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Guest makalataylor
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Guest makalataylor

Hey everyone.

 

I am new, and just adopted a retired greyhound this past weekend. I am looking for information on Grey savvy vets near Valley, AL or within an hour of Atlanta, GA.

 

I am just concerned with finding a vet that is familiar with their blood levels and anesthesia requirements. Is there a chart, or information I can take to a local vet?

 

What would you recommend?

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Someone will post a link for you about bloodwork values and stuff.

 

Valley is about 30 miles from Auburn's vet school, where they know greyhounds (literally) inside and out.

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Kathy and Q (CRT Qadeer from Fuzzy's Cannon and CRT Bonnie) and
Jane (WW's Aunt Jane from Trent Lee and Aunt M); photos to come.

Missing Silver (5.19.2005-10.27.2016), Tigger (4.5.2007-3.18.2016),
darling Sam (5.10.2000-8.8.2013), Jacey-Kasey (5.19.2003-8.22.2011), and Oreo (1997-3.30.2006)

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Here you go.
http://www.greythealth.com/
I have to say that "greyhound savvy" is often over-stressed by some in day to day care. When I started the group in Lubbock I was interviewing vets to work with on affordable adoption package prices. I made sure to dutifully drill them on anesthesia protocol. After encountering quite a few barely disguised rolled eyes one (mainly large animal) vet said "M'am, with all due respect - any vet that is unaware of anesthesia protocol for greyhounds has been under a rock for a decade or two".

Dr. Dunn at VCA in Dallas didn't have many greyhound patients thirteen years ago when I walked in with Dr. Stack's articles. He had an open mind and now is a preferred vet for GALT, the biggest group here. If you already have a good vet that you trust they can do their homework. For in depth care we usually ended up at the surgical specialty center anyway.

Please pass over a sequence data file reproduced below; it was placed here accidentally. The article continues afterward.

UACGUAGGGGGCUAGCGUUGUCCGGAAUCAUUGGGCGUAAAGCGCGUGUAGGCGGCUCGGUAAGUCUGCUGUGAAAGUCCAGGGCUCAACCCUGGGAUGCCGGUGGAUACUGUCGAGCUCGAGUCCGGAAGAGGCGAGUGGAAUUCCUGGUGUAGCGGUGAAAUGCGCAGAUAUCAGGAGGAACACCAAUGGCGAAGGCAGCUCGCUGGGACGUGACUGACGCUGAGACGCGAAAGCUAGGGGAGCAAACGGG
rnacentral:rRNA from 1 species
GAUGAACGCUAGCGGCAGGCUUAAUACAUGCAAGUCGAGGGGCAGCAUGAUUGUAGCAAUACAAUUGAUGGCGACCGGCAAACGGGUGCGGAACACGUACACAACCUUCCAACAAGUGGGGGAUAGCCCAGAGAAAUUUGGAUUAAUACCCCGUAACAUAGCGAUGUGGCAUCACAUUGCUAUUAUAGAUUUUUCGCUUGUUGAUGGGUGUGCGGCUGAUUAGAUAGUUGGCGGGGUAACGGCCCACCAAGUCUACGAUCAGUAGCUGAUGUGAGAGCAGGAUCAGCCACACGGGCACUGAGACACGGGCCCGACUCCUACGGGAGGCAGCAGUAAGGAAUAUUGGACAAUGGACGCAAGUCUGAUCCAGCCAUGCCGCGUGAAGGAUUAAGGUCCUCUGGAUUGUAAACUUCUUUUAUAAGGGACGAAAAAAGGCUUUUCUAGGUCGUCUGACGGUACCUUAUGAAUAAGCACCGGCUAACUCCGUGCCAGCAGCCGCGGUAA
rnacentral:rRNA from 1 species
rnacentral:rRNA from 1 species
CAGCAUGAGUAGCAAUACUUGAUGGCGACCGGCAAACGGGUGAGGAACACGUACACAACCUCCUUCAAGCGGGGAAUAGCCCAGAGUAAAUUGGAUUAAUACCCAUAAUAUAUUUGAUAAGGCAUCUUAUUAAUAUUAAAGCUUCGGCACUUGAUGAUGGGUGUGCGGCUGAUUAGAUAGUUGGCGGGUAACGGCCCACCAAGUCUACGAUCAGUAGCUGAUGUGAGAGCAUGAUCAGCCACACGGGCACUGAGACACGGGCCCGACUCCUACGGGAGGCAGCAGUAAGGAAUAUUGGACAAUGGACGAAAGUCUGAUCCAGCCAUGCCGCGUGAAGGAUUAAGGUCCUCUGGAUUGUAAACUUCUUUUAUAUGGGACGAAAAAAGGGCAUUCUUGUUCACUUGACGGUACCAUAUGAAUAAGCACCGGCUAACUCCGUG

Our main vet came freshly minted from Ohio State and Dr. Cuto several years ago with a boatload of greyhound knowledge...but I have to say the two other vets that I use for second opinions, if one is overbooked, etc. both went to Oklahoma State (not known as a bastion of greyhound specialists) and they all three are always on the same page.

Edited by Hubcitypam
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It's not so much anesthesia that's the issue with a vet that doesn't know greyhounds. But how many of us have had to explain a greyhound's thyroid numbers to our vet? Had our dogs diagnosed as having kidney disease because our dogs' numbers aren't the same as a lab's? How many of us have vets who see a limping greyhound and have "Corn" even cross their minds?

 

Shoot, I took my boy to a substitute vet one Tuesday when he was limping. They x-rayed, she diagnosed a soft-tissue injury (and didn't show me the x-rays), and I had to put him to sleep three days later because the osteo on new x-rays was obvious and he was in agony. She had been so busy confirming her preliminary diagnosis of soft-tissue injury (rather than a break) that it never occurred to her to look at the x-ray in terms of what was making him limp.

15060353021_97558ce7da.jpg
Kathy and Q (CRT Qadeer from Fuzzy's Cannon and CRT Bonnie) and
Jane (WW's Aunt Jane from Trent Lee and Aunt M); photos to come.

Missing Silver (5.19.2005-10.27.2016), Tigger (4.5.2007-3.18.2016),
darling Sam (5.10.2000-8.8.2013), Jacey-Kasey (5.19.2003-8.22.2011), and Oreo (1997-3.30.2006)

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What Hubcitypam said.